Climate Change Commission unveils first climate change map

Pia Ranada

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The 3-dimensional map helps foresee climate change impact in 2020 and 2050

PREPARATION. Climate change maps like the one crafted for Cagayan de Oro can beef up disaster-preparedness and climate change adaptiveness for the entire Philippines. All photos by Pia Ranada/Rappler

MANILA, Philippines – At the September 13 budget hearing of the Climate Change Commission, Secretary Mary Ann Lucille Sering unveiled a climate change map of Cagayan de Oro, one of the most disaster-prone cities in the country. 

The 3-dimensional map is “the first of its kind in the Philippines,” according to Sering, and was finished within a record span of 6 months with the help of the local government, the Department of Science and Technology, National Mapping and Resource Information Authority (NAMRIA) and Project NOAH.

Attached to the Office of the President, the Climate Change Commission is the government’s policy-making body tasked with coordinating and evaluating climate change programs and action plans.

Unlike geohazard maps which document only the geology, landforms and slopes of a particular area, climate change maps plot out impacts of climactic event factors like rainfall, humidity, chances of erosion, ground water potential and soil texture, among others.

Specifically, the CDO climate change map foresees what will happen to the province when besieged by a storm in 2020 and 2050 given the compounding effects of climate change. 

“This is the first map of its kind that factors in climate change scenarios by 2020 and 2050. This is an actual flood map of Cagayan de Oro,” explained Sering.

Wonder map

In 2011, more than a thousand people died when flashfloods submerged CDO during Tropical Storm Sendong. But information provided by the climate change map can stop flashfloods from ever happening again, said Sering.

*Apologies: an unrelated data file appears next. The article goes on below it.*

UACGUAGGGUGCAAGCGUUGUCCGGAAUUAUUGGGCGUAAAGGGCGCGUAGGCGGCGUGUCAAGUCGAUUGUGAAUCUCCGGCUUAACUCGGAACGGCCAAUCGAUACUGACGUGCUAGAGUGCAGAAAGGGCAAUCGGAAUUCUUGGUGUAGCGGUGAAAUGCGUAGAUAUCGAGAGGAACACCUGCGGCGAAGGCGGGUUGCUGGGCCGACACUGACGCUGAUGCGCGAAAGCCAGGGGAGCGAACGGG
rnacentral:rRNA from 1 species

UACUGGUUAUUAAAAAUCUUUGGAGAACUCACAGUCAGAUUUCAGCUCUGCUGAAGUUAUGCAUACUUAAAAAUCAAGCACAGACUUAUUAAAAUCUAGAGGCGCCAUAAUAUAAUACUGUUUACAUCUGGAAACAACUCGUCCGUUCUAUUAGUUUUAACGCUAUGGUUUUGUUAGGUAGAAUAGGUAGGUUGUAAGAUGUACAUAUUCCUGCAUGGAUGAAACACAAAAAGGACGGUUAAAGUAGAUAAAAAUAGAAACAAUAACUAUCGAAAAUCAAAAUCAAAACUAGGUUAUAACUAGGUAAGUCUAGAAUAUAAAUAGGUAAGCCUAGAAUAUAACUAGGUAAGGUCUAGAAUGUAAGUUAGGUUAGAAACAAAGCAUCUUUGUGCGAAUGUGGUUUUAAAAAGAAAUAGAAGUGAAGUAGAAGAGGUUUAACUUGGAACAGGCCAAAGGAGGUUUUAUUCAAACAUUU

The map identifies areas most vulnerable to flooding measured by gradience in color–the darker the hue, the deeper the flood in the area. 

It can help local government units and private citizens know when relocation is necessary. If the storm will only flood in the area, only proper flood control is needed and not necessarily relocation. But if the map shows the area is vulnerable to soil erosion and landslides, recommendations for relocation can be made even before the storm hits and lives are lost.

MORE THAN DISASTERS. Climate Change Commission Secretary Mary Ann Lucille Sering says climate change is not just about disasters and typhoons

It can also measure the effectiveness of infrastructure projects meant to alleviate flooding.

“If we now factor in, for example, drainage system, we will run this again and we will see how it will be reduced,” Sering explained.

By identifying upstream areas where rainwater run-off contributes to the swelling of rivers, the map can help the Department of Environment and Natural Resources identify where to concentrate their reforestation efforts.

“The map allows CDO to identify in a much clearer way the investment and infrastructure it needs to mitigate the effects of climate change.”

Similar maps are being crafted for Iligan, Tuguegarao and Iloilo, added Sering. They hope to replicate the project for the entire country. A climate change map is available for Metro Manila but it was based solely on historical data. The agency hopes to make a more updated version.

Maps that factor in wind velocity are being made for Compostela Valley and Davao Oriental.

“It will now give them an idea, for example, of whether they should still be planting bananas, assuming the wind velocity would be stronger than it is. We didn’t have this before. We would just plant wherever it suited us. But with these tools, we are now putting into context what our investments should be.”

‘Not all about disasters’

But Sering emphasized that climate change is not just about disasters. The country has to prepare for other alarming impacts of climate change.

“We have no idea what an increase in temperature will do to our food security. In areas that we went to, local communities have already cited incidents where there crops are decreasing or wilting. Aside from human activities like overfishing, they’re seeing a reduction in fish yield. We do not have thorough studies on this yet. The Department of Agriculture has been targeting production without looking at the impact of weather and the increase in temperature.”

She added that for 2013, the agency will focus on providing technical advice services to local governments so they can help communities adapt to all foreseen impacts of climate change. –

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Pia Ranada

Pia Ranada is Rappler’s Community Lead, in charge of linking our journalism with communities for impact.